Cable Cars#6 in Best Things To Do in San Francisco
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Chances are you've seen a television show, movie, postcard or some type of San Francisco memorabilia emblazoned with the city's iconic cable car or trolley. So of course, to fully experience San Francisco's charm, you should hop on board. San Francisco's cable car system is the last of its kind in the United States, given the title of a National Historic Landmark in 1964. The cable car was conceived after Andrew Smith Hallidie, an immigrant from England, witnessed an accident involving a horse-drawn buggy trying to climb a steep San Francisco hill and failing. His father had a patent for wire rope in England and he used that to design a transportation system that relied on just that. Thus, cable cars were born in the late 1800s.
Though cable cars are seldom used by locals (due in part to their small travel network and high fare), tourists flock to them in droves. More than nine million visitors ride the cable cars each year, and according to recent travelers, it's easy to see why. Tourists had a blast riding the cable cars up and down San Francisco's vibrant streets. Many say the way to get the most out of your cable car experience is to ride hanging out of the vehicle. Even though some said they encountered long lines to board, the majority of visitors believe the wait to be worth the experience. Though if you're not one for long lines, some say to board at one of the stops along the line instead at the beginning.
You can catch the cable cars from a few spots around town, including the famous Powell-Hyde Line at Powell and Market streets, which passes the twisty Lombard Street and the equally popular Russian Hill neighborhood. Relative to other forms of transportation, the cable cars are a bit expensive at $7 for a one-way ride, so some travelers suggest buying a one-day pass for $23 (also good for unlimited rides on Muni, Muni Metro and streetcars). Visitors can also purchase three-day and seven-day passes, which cost $34 and $45, respectively. To save even more money on one-, three-, and seven-day passes, purchase your passes via the transportation agency's app, MuniMobile. Via the mobile app, one-day passes cost $12, three-day passes cost $29, and seven-day passes cost $39. For more information on routes and stops, visit the San Francisco Municipal Transportation Agency's website.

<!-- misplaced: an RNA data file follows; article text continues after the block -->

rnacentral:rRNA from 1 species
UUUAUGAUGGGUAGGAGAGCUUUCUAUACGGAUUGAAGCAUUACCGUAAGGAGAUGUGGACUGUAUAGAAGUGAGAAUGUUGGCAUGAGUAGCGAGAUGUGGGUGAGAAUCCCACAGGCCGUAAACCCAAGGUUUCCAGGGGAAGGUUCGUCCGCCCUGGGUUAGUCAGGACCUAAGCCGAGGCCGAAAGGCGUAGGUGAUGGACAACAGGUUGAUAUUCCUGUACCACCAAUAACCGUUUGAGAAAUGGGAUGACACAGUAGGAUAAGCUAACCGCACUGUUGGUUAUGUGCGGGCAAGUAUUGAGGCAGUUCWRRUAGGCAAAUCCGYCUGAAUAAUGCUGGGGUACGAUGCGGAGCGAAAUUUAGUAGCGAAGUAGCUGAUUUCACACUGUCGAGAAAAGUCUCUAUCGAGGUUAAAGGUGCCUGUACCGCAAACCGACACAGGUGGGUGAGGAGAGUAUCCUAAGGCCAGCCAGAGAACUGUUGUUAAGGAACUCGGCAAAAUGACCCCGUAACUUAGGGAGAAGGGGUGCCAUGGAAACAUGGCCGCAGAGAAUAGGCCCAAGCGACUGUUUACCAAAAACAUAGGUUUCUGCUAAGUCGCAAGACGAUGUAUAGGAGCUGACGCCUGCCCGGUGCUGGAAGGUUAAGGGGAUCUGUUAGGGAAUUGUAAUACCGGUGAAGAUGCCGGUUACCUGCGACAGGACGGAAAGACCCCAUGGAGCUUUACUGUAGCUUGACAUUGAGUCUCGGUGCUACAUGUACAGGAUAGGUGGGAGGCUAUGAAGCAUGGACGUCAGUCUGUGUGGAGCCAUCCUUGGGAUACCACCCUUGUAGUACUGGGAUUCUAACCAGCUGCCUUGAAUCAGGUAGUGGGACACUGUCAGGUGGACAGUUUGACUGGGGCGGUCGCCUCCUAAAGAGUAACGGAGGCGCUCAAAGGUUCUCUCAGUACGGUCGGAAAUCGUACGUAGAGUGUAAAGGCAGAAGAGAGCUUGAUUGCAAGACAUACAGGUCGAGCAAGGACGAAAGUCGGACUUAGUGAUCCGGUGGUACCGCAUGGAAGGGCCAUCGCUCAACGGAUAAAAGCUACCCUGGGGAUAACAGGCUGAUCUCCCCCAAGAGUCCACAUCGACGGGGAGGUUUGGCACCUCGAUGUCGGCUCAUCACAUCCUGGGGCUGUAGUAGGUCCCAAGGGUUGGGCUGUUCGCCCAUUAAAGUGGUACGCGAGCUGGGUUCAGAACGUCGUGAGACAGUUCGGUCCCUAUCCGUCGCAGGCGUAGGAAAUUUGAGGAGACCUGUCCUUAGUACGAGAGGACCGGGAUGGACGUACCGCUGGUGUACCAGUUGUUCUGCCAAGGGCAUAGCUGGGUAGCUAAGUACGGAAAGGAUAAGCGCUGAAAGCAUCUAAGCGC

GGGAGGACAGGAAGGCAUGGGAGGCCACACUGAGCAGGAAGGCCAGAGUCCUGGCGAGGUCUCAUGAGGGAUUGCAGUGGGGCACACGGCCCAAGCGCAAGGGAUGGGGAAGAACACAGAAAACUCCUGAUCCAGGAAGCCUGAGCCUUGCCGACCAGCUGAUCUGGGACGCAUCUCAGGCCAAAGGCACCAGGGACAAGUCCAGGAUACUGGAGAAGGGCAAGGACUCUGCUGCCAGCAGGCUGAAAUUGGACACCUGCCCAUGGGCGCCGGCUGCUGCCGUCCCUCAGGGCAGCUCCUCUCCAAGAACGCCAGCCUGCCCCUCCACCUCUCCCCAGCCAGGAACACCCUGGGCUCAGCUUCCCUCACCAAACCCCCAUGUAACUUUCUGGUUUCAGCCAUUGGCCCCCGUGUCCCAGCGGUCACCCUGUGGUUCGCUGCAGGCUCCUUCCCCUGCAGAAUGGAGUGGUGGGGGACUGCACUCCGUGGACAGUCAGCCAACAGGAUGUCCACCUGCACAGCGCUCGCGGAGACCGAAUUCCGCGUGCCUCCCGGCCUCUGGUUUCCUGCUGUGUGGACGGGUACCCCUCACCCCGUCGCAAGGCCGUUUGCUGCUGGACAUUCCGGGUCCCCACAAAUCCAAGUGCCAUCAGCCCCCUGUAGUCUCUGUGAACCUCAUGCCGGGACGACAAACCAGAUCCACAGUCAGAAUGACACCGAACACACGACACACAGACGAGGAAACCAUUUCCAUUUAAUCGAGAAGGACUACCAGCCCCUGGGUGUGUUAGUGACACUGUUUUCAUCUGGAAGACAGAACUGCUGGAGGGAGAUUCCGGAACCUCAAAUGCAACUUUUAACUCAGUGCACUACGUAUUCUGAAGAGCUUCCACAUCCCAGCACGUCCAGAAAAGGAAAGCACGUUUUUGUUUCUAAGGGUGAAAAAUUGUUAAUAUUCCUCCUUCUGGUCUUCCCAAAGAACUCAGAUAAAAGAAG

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#1 Golden Gate Bridge
The Golden Gate Bridge's vaulting, orange arches amidst the rocky seascape of the San Francisco Bay have made it one of the West Coast's most enduring symbols and the city's most popular tourist attraction. The bridge's name, "Golden Gate," actually refers to the body of water it spans (the Golden Gate Strait that connects the Pacific Ocean with the San Francisco Bay), and was built to make travel between San Francisco and Marin County an easier feat.
There are plenty of great spots to capture a snap of the majestic bridge. But if you want a truly postcard-worthy shot, head to the Golden Gate Bridge Vista Point, situated high on a hill overlooking San Francisco. If you have extra time, make sure to explore the Golden Gate National Recreation Area. The actual span of the Golden Gate National Recreation Area encompasses multiple places in San Mateo (south of San Francisco), San Francisco and Marin Counties (Alcatraz and Muir Woods included), but notable parts of this recreation area can be found just a stroll away from the Golden Gate. From the bridge, travelers will find some scenic, bayside trails, some of which lead to secluded beaches, including Kirby Cove and Black Sands Beach. If you really want a trek, journey to the Point Bonita Lighthouse for sweeping views of the bay, found at the very tip of the Golden Gate Strait.
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